What it means to be a PCI Compliant Hosting Provider: 10 Standards That PCI Hosting Providers Must Meet
PCI security standards are set by the PCI Security Standards Council (PCI SSC) to protect payment cardholder data. The standards apply to any person, company, or other entity that stores, processes, or transmits cardholder data. The goal of PCI standards are to build and maintain secure networks that protect confidential payment information from theft or other misuse. To comply with the PCI standards, hosting providers must meet the following criteria:
Requirement 1: Install and maintain a firewall and hardware configuration to protect cardholder data
For most, this may seem obvious, but the hosting provider should ensure that its servers are protected by firewalls. This is a good idea in any context, but it is essential to PCI compliance. Moreover, the hardware itself should prevent easy tampering, and any networks should prevent unauthorized access. These devices should restrict traffic from "untrusted" networks and hosts, prohibit direct public access to any sensitive data, and ensure safeguards against malicious outside attacks.
Requirement 2: Do not use vendor-supplied default passwords or security settings
Another obvious mistake is allowing easy access to a provider's hardware by being too lazy to change default passwords and security settings. For PCI compliance, vendor-supplied passwords must always be changed, the server must create and follow secure configuration standards, and data must be transmitted and stored via encrypted means.
Requirement 3: Protect stored cardholder data
Generally, for PCI compliance, cardholder data should never be stored unless absolutely necessary. In the unusual instance when such information is stored, it should be rendered unreadable without a corresponding decryption. For PCI compliance when data is stored, the data retention period must be limited to the period necessary for an identified and legitimate purpose, it must not be stored after authentication, and PAN's must be masked and unreadable wherever it may be stored. Moreover, encryption keys must be protected and all key management processes and procedures relating to protecting stored cardholder data should be documented.
Requirement 4: Encrypt cardholder data transmission
Since cardholder data travels over networks, criminals can intercept it while it is in transit over open, public networks. Thus, cardholder data must be encrypted by the host prior to transmission in order to achieve PCI compliance. The cryptography must render the data unreadable without the accompanying cipher.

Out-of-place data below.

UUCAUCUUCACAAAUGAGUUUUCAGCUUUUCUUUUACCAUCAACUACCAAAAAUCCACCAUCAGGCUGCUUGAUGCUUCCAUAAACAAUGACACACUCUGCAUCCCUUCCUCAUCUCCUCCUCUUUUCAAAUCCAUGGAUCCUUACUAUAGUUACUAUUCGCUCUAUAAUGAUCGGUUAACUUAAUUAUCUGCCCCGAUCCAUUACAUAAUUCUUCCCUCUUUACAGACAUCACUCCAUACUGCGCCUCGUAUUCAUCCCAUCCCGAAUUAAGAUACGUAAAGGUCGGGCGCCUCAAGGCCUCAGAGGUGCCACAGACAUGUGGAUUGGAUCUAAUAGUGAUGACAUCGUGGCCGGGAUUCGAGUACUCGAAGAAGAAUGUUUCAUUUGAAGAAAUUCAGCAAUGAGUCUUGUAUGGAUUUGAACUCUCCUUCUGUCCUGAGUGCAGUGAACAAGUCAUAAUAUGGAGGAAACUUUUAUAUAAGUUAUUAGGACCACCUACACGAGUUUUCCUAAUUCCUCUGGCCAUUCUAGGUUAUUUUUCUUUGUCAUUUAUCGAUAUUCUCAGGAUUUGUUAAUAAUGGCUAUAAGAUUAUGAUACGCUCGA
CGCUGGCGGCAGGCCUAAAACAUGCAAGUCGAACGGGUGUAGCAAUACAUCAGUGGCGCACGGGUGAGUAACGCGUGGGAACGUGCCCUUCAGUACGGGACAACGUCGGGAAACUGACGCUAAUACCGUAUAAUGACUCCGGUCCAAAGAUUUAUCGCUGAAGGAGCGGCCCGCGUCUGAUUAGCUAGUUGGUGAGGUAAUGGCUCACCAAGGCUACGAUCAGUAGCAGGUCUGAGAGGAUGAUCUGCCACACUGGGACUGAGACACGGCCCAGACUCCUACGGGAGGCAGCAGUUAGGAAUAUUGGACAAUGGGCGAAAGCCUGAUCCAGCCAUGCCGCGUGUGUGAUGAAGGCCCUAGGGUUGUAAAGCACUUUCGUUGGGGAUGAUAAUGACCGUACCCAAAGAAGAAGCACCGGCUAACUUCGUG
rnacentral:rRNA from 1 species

Requirement 5: Use updated anti-virus software
Another obvious requirement, PCI compliant servers must use up-to-date, anti-virus software.
Requirement 6: Secure and fully patched systems
For PCI compliance, a host's critical systems must have the most recently released software patches to prevent exploitation. Moreover, any applications running on the host's servers should feature best coding practices designed to defend against and defeat errors and malicious attacks. Updates should be installed as soon as practical, risks should be regularly assessed and addressed, and all public-facing elements should be protected against known vulnerabilities.
Requirement 7: Restrict data to certain personnel
While securing a system provides a certain layer of security, people are much more likely to leak sensitive information than a computer. Thus, for PCI compliance, critical data should only be accessible by authorized personnel. The hosting provider should establish access control protocols and tightly restrict access based on a user's need to know.
Requirement 8: Assign a unique ID to each person with computer access
Akin to requirement 7, tracking where leaks may occur can be critical to plugging gaps in security. Thus, PCI compliance requires the assignment of unique identification (ID) to each person with access to a PCI compliant server. The ID should be supported by additional safeguards such as two-factor authentication and password encryption.
Requirement 9: Restrict physical access to cardholder data
Just as electronic access should be restricted, so too should physical access to both the raw data and any servers hosting that information. PCI compliant servers must be housed in entry-controlled facilities that have procedures in place to limit access and distinguish between authorized personnel and visitors. The hosting service should maintain a visitor log, store back-ups in secured locations (preferably off-site), and any media containing sensitive information should be destroyed promptly after it is deemed no longer necessary.
Requirement 10: Test regularly
A system is only as secure as its performance when most needed. To ensure the security of a PCI compliant hosting server, regular testing must be performed. This testing should include safeguarding against wireless access points, running internal and external network vulnerability scans, using network intrusion detection systems, and deploying file integrity monitoring tools to alert personnel to unauthorized access or modification of protected files.
Importance of PCI Compliance
While PCI compliance can not only ensure the satisfaction and security of credit and debit card customers, it is also crucial for maintaining a site's security certifications. Those security certifications will most likely be required by card processing services to maintain a site's privileges. Thus, identifying hosting providers that meet or exceed PCI compliance standards can be crucial for the health and safety of both your customers and your own continuing operations.